Why start a blog in the first place? That's easy. I started my blog as a way to help me push my name out there attached to something besides my books. It's about name recognition. After all, most people can't pump out a book a month in order to keep reeling in new readers and fans. (Unless you want to count those ungodly crypto-porn magazines that some people claim are books.) You can't put out a book a month, but you can put out short stories and blog posts once a month, or even once a week. That's not too difficult and it gives readers something new to look at. It's about creating a platform from which you can call attention to yourself.
Now, after the first six months of doing my blog, I started to actually learn things about the writing business, and I started doing posts based on the mistakes I've made and the things I've learned, in order to pass that information along to others who might be looking for that information. Some of it is things I had to look around for quite a bit to find, and I feel like putting it out there on my blog as well, will make it easier for the next people to find it.
At it's basest, a blog is a tool to communicate. Whether that communication is based around advertising, promoting ideas, passing along useful information, or just a soapbox for nonsensical ranting is up to the person that uses it.
Now that my blog is somewhat established, in that it's over a year old, it should be fairly clear how I'm using my blog.
Writing - Most of my posts over the past year, have focused on the act and business of writing, with topics on why editing is important, things we self-published authors are doing wrong, and tips on how to power through writing your novel. These will probably continue to be a fairly regular and high focus on what I blog about. For those curious, this is where I'm labeling this post, as it deals with one of the common ways authors market themselves.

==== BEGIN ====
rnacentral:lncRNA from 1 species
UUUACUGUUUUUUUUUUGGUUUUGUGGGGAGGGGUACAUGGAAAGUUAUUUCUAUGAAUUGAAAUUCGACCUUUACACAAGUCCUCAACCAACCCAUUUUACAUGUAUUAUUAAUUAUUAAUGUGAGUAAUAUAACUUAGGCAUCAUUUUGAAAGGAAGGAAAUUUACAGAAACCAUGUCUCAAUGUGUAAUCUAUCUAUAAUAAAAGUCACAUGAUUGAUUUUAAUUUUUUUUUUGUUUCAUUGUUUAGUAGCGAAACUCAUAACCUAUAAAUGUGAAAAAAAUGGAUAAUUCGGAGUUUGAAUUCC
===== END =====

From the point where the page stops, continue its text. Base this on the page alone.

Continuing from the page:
Horror - My chosen genre tends to be Horror; that's the kind of story I like to write, as well as what I like to read, and watch. This has been the second biggest theme I've talked about and that is likely to continue as well. This includes discussion of Monsters, in film and writing, in addition to rumored monsters like Bigfoot, Nessie, etc. etc.
Rants and Reviews - These combined make up the majority of the rest of my posts, of which there are fewer than ten out of eighty. Still, while I promise rants will remain a rarity, reviews, especially of other author's works in the Horror genre, will probably increase over the coming year. At least that's the plan.
The last thing I want to go over, is what (I think) makes a good blog.